Finding democracy in the Islamic tradition

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Reza Aslan, writing in the Los Angeles Times, strives to find a democratic tradition in Islam. The purpose is a noble one: to refute those who denounce the elections in Iraq as "satanic."

Because Muhammad did not officially choose a successor, it fell to the community he left behind to decide who should lead them. Unsure how to proceed with such a momentous decision, the community fell back on the tribal tradition that had been sanctioned in Medina. They called, first, for a shura, or consultative assembly, of Muslim elders to choose a new leader. Speeches were delivered, political alliances formed and, ultimately, a consensus reached: The choice was Muhammad's closest friend and advisor, Abu Bakr, who became known as Khalifat Rasul Allah, "the successor to the messenger of God" — caliph, in English.

Yet the selection of Abu Bakr was meaningless until the entire Muslim community pledged an oath of allegiance to him. In fact, Abu Bakr's appointment as caliph was delayed because partisans of Muhammad's nephew and son—in—law, Ali, refused to swear allegiance. It was only after this powerful faction, the Shi'atu Ali, or the Party of Ali (a.k.a. the Shiites), relented and took the oath that Abu Bakr was allowed to assume his leadership role.

It is a fairly slender reed, as Aslan immediately acknowledges:

Perhaps it seems wrong to call this a democratic process. After all, Abu Bakr was appointed rather than directly elected. But it required community approval nonetheless.

In truth, the political tradition of Islam, where ideally a Caliph rules on the basis of Sharia law, which provides legitimacy, is at its best moments, enlightened despotism. Nevertheless, the slender reed is a good start at building an argument for Islamic democracy. Malaysia is an Islamic country with a history of elections, and its arguments for the legitimacy of democracy also need scrutiny.

Japan, more than any other country, has demonstrated the malleability of tradition. Within the last century and a half, Japan has seen its tradition used to justify feudalism, enlightened despotism, nascent democracy, theocratic military dictatorship, and now true modern electoral democracy, which has taken root and thrives. The fact is that every complex historic tradition contains the seeds for a wide variety of societies.

Islam desperately needs adaptation to modern life. However weak, the voice of those building a basis for a new Islam deserves our support.

Hat tip: Ed Lasky

Thomas Lifson  12 15 05

Reza Aslan, writing in the Los Angeles Times, strives to find a democratic tradition in Islam. The purpose is a noble one: to refute those who denounce the elections in Iraq as "satanic."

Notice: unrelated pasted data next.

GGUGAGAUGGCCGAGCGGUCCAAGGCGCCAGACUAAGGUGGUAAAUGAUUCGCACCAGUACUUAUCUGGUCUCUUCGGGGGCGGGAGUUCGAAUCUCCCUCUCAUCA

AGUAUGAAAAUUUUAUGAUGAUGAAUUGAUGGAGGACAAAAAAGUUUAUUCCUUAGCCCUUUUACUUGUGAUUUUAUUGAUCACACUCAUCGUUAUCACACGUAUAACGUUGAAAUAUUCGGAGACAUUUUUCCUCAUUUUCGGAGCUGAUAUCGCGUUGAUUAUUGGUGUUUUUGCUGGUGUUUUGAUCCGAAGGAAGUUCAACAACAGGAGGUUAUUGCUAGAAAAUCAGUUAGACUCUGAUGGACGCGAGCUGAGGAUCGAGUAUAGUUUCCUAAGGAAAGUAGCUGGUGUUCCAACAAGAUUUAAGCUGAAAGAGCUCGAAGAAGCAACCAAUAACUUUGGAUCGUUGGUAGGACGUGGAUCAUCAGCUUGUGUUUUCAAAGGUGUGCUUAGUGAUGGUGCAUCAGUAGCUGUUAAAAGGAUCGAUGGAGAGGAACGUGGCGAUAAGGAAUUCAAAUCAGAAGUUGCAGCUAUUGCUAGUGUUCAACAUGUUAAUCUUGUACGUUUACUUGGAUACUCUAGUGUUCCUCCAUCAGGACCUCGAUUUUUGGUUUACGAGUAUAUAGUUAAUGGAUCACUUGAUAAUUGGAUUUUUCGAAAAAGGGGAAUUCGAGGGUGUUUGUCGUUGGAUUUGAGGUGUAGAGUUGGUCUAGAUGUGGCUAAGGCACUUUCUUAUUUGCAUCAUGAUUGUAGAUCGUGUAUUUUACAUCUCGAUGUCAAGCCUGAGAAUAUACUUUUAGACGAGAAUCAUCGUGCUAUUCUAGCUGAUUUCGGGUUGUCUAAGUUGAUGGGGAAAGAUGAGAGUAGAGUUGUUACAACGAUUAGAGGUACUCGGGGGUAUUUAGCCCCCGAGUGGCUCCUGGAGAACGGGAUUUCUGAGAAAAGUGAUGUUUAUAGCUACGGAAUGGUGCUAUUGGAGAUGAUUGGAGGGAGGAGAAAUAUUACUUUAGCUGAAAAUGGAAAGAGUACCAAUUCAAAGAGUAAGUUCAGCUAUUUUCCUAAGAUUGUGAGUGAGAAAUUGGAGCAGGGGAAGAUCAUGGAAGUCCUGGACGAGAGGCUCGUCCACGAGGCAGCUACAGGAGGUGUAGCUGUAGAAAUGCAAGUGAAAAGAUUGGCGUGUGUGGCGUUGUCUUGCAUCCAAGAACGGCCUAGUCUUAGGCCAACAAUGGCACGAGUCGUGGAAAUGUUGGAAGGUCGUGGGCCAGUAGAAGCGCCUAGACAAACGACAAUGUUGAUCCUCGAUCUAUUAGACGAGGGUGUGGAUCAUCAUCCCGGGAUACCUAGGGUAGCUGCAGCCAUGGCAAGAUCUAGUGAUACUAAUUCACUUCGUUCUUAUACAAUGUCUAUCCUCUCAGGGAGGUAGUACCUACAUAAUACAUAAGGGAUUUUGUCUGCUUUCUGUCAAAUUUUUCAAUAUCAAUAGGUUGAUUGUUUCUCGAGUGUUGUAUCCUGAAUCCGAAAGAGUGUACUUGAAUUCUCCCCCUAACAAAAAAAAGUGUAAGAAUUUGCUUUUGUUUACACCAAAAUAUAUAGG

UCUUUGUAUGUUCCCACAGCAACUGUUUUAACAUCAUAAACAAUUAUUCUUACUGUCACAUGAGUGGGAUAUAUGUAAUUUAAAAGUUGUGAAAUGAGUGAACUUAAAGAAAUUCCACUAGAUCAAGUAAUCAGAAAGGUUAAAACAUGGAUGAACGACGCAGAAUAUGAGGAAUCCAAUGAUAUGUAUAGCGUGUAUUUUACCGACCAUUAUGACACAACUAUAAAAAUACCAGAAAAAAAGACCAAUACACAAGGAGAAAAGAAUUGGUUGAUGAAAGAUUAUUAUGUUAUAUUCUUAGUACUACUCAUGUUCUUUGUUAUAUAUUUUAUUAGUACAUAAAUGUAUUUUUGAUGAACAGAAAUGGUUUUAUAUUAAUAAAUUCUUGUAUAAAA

Because Muhammad did not officially choose a successor, it fell to the community he left behind to decide who should lead them. Unsure how to proceed with such a momentous decision, the community fell back on the tribal tradition that had been sanctioned in Medina. They called, first, for a shura, or consultative assembly, of Muslim elders to choose a new leader. Speeches were delivered, political alliances formed and, ultimately, a consensus reached: The choice was Muhammad's closest friend and advisor, Abu Bakr, who became known as Khalifat Rasul Allah, "the successor to the messenger of God" — caliph, in English.

Yet the selection of Abu Bakr was meaningless until the entire Muslim community pledged an oath of allegiance to him. In fact, Abu Bakr's appointment as caliph was delayed because partisans of Muhammad's nephew and son—in—law, Ali, refused to swear allegiance. It was only after this powerful faction, the Shi'atu Ali, or the Party of Ali (a.k.a. the Shiites), relented and took the oath that Abu Bakr was allowed to assume his leadership role.

It is a fairly slender reed, as Aslan immediately acknowledges:

Perhaps it seems wrong to call this a democratic process. After all, Abu Bakr was appointed rather than directly elected. But it required community approval nonetheless.

In truth, the political tradition of Islam, where ideally a Caliph rules on the basis of Sharia law, which provides legitimacy, is at its best moments, enlightened despotism. Nevertheless, the slender reed is a good start at building an argument for Islamic democracy. Malaysia is an Islamic country with a history of elections, and its arguments for the legitimacy of democracy also need scrutiny.

Japan, more than any other country, has demonstrated the malleability of tradition. Within the last century and a half, Japan has seen its tradition used to justify feudalism, enlightened despotism, nascent democracy, theocratic military dictatorship, and now true modern electoral democracy, which has taken root and thrives. The fact is that every complex historic tradition contains the seeds for a wide variety of societies.

Islam desperately needs adaptation to modern life. However weak, the voice of those building a basis for a new Islam deserves our support.

Hat tip: Ed Lasky

Thomas Lifson  12 15 05